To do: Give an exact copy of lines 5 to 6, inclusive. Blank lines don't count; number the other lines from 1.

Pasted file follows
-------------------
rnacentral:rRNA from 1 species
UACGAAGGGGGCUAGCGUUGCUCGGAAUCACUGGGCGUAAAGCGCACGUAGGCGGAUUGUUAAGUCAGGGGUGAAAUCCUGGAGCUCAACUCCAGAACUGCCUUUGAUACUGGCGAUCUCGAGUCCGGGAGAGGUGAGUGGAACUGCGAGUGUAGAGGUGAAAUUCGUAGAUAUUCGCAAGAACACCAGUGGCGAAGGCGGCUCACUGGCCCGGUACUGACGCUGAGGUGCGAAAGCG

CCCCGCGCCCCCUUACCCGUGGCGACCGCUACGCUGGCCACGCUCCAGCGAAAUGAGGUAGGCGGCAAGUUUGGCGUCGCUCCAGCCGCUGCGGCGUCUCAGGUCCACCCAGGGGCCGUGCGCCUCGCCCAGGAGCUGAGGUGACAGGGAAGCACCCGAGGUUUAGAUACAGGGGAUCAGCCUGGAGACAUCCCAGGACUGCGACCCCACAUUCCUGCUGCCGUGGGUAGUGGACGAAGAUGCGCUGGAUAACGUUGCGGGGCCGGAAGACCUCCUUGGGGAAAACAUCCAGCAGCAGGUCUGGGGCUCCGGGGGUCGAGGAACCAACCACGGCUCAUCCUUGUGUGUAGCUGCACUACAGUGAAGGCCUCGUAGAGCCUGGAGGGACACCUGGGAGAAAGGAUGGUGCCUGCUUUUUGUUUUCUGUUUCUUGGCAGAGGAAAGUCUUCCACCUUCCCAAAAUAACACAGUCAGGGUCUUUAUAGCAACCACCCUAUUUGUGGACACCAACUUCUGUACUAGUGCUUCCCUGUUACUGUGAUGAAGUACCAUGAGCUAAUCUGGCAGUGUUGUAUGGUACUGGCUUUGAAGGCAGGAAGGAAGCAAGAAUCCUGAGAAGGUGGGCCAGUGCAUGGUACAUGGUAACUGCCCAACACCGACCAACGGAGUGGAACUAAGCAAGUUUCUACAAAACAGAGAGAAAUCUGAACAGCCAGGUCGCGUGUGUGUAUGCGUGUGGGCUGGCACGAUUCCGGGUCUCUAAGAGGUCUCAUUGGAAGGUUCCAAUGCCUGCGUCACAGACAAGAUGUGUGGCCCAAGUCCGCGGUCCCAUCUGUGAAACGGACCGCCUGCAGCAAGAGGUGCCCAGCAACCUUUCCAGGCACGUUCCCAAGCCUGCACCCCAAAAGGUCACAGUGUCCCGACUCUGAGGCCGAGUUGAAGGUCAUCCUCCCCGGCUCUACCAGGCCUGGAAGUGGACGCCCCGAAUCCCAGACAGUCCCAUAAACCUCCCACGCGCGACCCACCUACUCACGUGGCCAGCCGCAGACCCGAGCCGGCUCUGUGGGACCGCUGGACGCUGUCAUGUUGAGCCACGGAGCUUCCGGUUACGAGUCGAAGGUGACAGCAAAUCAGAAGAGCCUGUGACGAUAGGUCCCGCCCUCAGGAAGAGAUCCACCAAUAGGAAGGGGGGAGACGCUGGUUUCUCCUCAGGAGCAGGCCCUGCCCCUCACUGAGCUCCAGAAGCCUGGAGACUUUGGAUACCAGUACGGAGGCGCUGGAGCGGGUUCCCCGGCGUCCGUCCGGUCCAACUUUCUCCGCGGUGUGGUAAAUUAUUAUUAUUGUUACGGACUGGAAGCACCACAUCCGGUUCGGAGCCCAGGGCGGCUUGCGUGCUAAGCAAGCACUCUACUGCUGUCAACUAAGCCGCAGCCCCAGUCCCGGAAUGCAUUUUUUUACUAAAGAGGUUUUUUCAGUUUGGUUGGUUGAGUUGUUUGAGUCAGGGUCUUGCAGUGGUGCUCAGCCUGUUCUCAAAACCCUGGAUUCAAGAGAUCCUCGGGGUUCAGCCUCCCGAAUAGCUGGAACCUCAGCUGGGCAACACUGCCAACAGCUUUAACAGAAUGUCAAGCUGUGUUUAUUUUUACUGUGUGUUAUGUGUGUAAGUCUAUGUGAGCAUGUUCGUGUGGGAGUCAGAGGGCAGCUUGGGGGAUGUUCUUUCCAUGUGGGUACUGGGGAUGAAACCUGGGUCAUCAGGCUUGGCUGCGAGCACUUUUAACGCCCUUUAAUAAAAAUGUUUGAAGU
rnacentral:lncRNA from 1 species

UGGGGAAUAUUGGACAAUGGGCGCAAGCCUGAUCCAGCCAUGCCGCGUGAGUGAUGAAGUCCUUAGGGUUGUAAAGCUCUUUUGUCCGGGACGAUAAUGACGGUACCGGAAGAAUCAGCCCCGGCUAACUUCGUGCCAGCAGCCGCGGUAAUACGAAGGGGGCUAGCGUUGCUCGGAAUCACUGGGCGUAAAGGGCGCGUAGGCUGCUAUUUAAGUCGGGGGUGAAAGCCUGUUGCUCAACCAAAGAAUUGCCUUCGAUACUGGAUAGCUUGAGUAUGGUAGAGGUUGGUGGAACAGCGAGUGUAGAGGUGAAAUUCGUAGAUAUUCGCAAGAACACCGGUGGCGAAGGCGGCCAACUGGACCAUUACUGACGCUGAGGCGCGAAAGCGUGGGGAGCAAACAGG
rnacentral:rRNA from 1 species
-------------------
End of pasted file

UGGGGAAUAUUGGACAAUGGGCGCAAGCCUGAUCCAGCCAUGCCGCGUGAGUGAUGAAGUCCUUAGGGUUGUAAAGCUCUUUUGUCCGGGACGAUAAUGACGGUACCGGAAGAAUCAGCCCCGGCUAACUUCGUGCCAGCAGCCGCGGUAAUACGAAGGGGGCUAGCGUUGCUCGGAAUCACUGGGCGUAAAGGGCGCGUAGGCUGCUAUUUAAGUCGGGGGUGAAAGCCUGUUGCUCAACCAAAGAAUUGCCUUCGAUACUGGAUAGCUUGAGUAUGGUAGAGGUUGGUGGAACAGCGAGUGUAGAGGUGAAAUUCGUAGAUAUUCGCAAGAACACCGGUGGCGAAGGCGGCCAACUGGACCAUUACUGACGCUGAGGCGCGAAAGCGUGGGGAGCAAACAGG
rnacentral:rRNA from 1 species